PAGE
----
Apart from fighting about the same sex marriage and declaring article 377 unconstitutional there are certain other issues which needs to be dealt. Laws are made for the citizen in order to protect them and provide all kinds of help they needed but this section has always been sided. For instance if a rape is committed on woman then there are provisions of IPC under section 375 but no such provision is there for any LGBT section as a result people of beastly nature take advantage of it and as a result they are forced to live a miserable life and are forced not to reveal their identity. Although Supreme Court has taken a historic step by including the “T” stands for transgender as third gender but does it makes any difference. Still this section struggles or not at all able to avail their rights. For example there is no such provision for them for adoption. This section has always been seen as a downtrodden section and a secretive as well as secluded section. They have to face social as well as legal difficulties in every walk of life. They had to face the difficulties from their childhood where they are mentally harassed and called by different names and even their family members leave them to survive alone in this cruel world. Many a times they are forced to join brothel for their livelihood as commoners despise them and the things sold or touched by them. There is so much disparity in the thinking of the people that they want them (called as Hijara) to visit their house at time of wedding or on the occasion of new born celebration in order to give blessing and it is believed if they curse that is the sign of something bad but at the same time people despise them and treat them worse than an animal. This section is not a new section which has come all of the sudden, from the very early times they exist. Reservation is provided even to those people who do not need it but in the name of castes and for the vote bank no politician questioned it. But this section(LGBT) is in minority so nobody cares it.

This section is fighting for their rights all over the world. Big fame people who excelled in the fields of music, acting, politics etc. didn’t reveal their identity but with the coming years they realised that it is not a crime, it is their identity, their pride, their self-respect which was misused because of orthodox and narrow minded people and so they confronted the world and the world accepted it with open hands. If one consider about section 377 of IPC which deals with unnatural offence, it is true that the whole section cannot be declared as unconstitutional but attraction towards same sex can it be called as an offence? This had been a debatable issue which had been dealt in Naz Foundation vs Government Of Nct Of Delhi And Another[1]where section 377 of IPC was challenged on infringing article 21. The high court declared the section to be unconstitutional however in Suresh Kumar Koushal and another v NAZ Foundation and Others[2]the Supreme Court struck down the decision by the High Court. God has created the universe and human beings. It is the human being which has created the sense of superiority, rules, demarcation and hatred among themselves. People need to broaden their thoughts and minds as they have equal share just like other.People should stand and revolt for the injustice which is meted out against this section as they too are the part of the country as well as society.  It is rightly said by Will Rogers, “We will never have true civilization until we have learned to recognize the rights of others.”So let all the people stand in unity and shout at the top of the voice so that the people sitting at the Apex could hear the pain and sufferings of this section which they are dodging away.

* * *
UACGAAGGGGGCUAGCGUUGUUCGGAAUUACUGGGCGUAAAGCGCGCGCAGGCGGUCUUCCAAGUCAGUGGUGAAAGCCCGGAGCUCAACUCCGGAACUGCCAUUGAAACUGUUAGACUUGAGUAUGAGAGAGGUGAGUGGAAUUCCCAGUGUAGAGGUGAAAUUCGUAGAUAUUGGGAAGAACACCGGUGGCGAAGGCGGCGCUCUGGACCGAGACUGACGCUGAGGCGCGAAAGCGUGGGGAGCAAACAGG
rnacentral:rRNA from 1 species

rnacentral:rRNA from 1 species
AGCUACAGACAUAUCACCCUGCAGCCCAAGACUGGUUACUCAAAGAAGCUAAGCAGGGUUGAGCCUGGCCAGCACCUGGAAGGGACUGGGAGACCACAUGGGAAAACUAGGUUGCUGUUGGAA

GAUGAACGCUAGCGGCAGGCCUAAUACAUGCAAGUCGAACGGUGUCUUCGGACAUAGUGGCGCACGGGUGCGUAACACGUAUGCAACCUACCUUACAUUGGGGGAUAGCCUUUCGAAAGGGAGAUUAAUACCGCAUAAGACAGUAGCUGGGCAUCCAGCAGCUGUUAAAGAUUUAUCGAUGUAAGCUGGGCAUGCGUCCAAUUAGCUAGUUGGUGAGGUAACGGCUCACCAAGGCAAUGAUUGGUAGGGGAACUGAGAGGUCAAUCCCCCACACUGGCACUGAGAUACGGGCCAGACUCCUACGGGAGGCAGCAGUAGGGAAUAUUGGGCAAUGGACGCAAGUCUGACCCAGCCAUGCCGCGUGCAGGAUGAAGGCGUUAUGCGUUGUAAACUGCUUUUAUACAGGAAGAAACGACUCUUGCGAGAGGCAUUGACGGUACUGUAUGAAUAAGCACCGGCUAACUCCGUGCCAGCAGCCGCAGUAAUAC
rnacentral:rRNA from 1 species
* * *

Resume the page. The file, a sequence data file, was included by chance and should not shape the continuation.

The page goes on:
[1]WP(C) No.7455/2001.

[2]CIVIL APPEAL NO.10972  OF 201.



ABOUT THE AUTHOR

twinkle-singh

TWINKLE SINGH

It’s always being a difficult task for me to write something about myself but to start with, I am a law student studying in Chanakya National Law University. I love to write the articles based on law and it’s legal aspect. I believe in having a colourful life rather than being black and white. Apart from law, I love drawing especially cartoon characters but I made only for myself that too when I really feel like. I am active in social media quite a lot. I love experimenting such as in the field of making deserts, I love making cakes in the free time. This is my short and sweet bio which is not sufficient to describe myself but at least it can give some idea about me.

WHEN THE GOING GETS TOUGH: An analysis of claims for Government protection of homegrown companies

As of December, 2016,e-commerce giants such as Flipkart and Ola, which have been led to success at the hands of Indian entrepreneurs, have been seeking government protection from global giants such as Amazon and Uber which have captured a substantial share of the market despite having entered the market post Flipkart & Ola. The claim put forth by these companies is that government policies are required to be oriented towards the development of homegrown companies and that the requirement of the market is only foreign investment for the said purpose and not foreign companies. They have further pointed out that, in their opinions, the market is being distorted by capital and the war is no longer one on innovation.

Flipkart and Ola, as companies, have themselves been criticised for what is being seen as a hypocritical move for protection, due to over 80% of the ownership of these companies resting with overseas investors. However, the argument made by the internet giants is two-fold- that theirs is an India centric approach which aims at attaining high standards within the market while creating high-end jobs in India itself and that the dominance of companies which are managed by and spurred by the ideas of Indians will allow data, security and privacy to continue being retained under Indian control.